Alfred Sant presents report on new investments across the EU
Former Prime Minister Alfred Sant, rapporteur on behalf of the S&D, presented a draft report focusing on the issue of new investments across the European Union during a meeting of the Economic Monetary Committee of the European Parliament.
The report entitled “European Semester for economic policy coordination: implementation of 2016 priorities” is expected to be adopted in ECON on the 11th October and later put forward for approval at the Plenary of the European Parliament.
The committee was also attended by representatives of the national parliaments who are invited to debate the country-specific recommendation from the EU level and translate them into their own actions.
The Maltese Parliament was represented by Charles Mangion (PL) and Claudio Grech (PN) who also addressed the issue of investments in the EU.
Dr Sant introduced the discussion by focusing on the implementation of recommendations and difficulties encountered by member states.
“Given the existing boundary conditions for how policy is defined in the EU and the eurozone, what recommendations based on the Commission’s Country Specific Reports’ can we best emphasize? What consensus, or at least some agreement, about the best way forward regarding investment can be achieved over as wide a political spectrum as possible? – while keeping our report meaningful to all those millions of EU citizens who would like to share in the prospects of a greater economic growth than we have become accustomed to in recent years.”
Dr Sant spoke on the role of National Parliaments to assume a more meaningful and assertive role in the consideration of national reports, at European and at national levels and present them to voters as if they were their own.
“National Parliaments are there to defend the national interest. The European Commission and the European Parliament are there, so we say, to defend the European interest. What may make sense at panEuropean level, even when applied to national economies, can seem like poison, on the ground, at national level, whether applied on a short term or on a long term basis. Yet our constituencies are the same, at national and at European levels. All this should be considered against the background of how Country Specific Recommendations are being implemented by governments.”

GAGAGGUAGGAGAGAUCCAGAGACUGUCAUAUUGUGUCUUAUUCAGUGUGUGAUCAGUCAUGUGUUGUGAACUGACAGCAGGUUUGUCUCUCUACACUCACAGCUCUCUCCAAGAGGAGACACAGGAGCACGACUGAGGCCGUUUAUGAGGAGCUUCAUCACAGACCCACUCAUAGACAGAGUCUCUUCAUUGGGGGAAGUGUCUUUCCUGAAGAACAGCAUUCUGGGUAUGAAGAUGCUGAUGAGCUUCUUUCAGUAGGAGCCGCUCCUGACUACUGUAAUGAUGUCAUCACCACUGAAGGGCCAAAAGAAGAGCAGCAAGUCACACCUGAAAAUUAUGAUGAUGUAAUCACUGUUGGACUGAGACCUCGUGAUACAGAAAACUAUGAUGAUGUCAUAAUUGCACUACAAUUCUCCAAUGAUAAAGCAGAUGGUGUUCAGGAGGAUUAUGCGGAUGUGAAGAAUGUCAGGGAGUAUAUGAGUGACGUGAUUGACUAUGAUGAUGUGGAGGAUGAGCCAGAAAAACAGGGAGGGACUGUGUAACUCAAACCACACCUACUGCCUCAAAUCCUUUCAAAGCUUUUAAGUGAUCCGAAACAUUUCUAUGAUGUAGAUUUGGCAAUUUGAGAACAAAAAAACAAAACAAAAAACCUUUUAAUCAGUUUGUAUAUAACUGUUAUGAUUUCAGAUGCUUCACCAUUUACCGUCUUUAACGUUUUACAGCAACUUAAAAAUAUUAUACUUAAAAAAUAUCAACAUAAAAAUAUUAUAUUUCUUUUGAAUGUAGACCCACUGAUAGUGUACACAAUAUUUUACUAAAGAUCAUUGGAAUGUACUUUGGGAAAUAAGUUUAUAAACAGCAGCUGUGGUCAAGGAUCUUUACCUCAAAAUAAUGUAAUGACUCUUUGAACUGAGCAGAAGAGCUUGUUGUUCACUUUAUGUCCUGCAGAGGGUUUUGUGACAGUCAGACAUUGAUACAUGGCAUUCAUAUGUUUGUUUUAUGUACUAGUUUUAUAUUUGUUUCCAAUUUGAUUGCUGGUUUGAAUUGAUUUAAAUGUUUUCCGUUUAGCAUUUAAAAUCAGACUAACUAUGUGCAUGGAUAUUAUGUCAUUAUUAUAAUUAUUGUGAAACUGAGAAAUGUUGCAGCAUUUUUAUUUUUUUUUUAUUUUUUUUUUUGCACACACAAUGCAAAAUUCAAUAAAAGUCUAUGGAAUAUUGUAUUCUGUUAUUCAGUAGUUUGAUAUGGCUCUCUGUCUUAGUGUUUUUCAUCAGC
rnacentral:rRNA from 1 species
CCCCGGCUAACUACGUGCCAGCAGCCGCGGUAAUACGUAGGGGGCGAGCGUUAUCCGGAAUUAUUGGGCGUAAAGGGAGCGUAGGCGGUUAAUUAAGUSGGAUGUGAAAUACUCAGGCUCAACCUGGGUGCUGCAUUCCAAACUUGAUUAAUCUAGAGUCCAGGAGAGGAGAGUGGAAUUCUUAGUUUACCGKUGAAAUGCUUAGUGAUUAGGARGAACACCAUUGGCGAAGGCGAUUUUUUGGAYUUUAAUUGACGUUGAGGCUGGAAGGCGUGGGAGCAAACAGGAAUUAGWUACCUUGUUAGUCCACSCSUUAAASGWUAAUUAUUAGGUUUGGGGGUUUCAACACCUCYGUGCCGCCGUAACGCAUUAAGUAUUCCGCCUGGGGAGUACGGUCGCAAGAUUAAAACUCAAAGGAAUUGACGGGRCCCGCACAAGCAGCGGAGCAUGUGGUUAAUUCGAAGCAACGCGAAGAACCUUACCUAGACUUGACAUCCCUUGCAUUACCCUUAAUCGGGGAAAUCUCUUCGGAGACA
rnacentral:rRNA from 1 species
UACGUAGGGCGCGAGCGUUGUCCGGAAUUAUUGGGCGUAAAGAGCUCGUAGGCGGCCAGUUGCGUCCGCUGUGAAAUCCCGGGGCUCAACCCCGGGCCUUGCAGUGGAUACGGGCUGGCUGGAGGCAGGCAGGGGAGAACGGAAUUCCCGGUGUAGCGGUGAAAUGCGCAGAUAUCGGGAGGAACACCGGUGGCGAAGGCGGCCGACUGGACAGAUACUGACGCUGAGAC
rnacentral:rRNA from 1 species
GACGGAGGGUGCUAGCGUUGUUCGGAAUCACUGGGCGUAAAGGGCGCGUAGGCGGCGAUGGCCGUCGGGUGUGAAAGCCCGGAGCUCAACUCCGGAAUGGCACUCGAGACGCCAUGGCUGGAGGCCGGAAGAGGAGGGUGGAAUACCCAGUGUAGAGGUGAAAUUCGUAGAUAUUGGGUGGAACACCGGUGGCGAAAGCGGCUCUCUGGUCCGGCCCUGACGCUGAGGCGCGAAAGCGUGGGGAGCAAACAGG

Dr Sant said that based on the Commission’s assessment, the proportion of fully or substantially implemented CSRs has more than halved over the 20122015 Semester cycles. At the same time, the part of recommendations with limited/no progress has risen from nearly 30% in 2012 to more than 50% in 2015.
Dr Sant said that the EC reduced its CSRs in 2016 – as in the previous year - to concentrate better on each country’s urgent and specific challenges, and to increase national ownership of the CSRs.
“Still there is a problem of a weak and deteriorating record in the implementation of CSRs. As a result, a fundamental problem of EU economic policy coordination is that it hardly functions at all. Do we need, beyond that, a big further push to promote new investment? Should it just be private investment? Or should more also be done to mobilize public funds?” asked the Maltese MEP.
The Maltese MEP said that economic and social divergences have become a huge challenge with potentially dangerous repercussion for the European cohesion. “How would this play against the need to ensure that the Stability and Growth Pact is never never breached? In all this, how can the growing economic and social divergences between different parts of the Union be corrected and reversed?” pointed the S&D Rapporteur.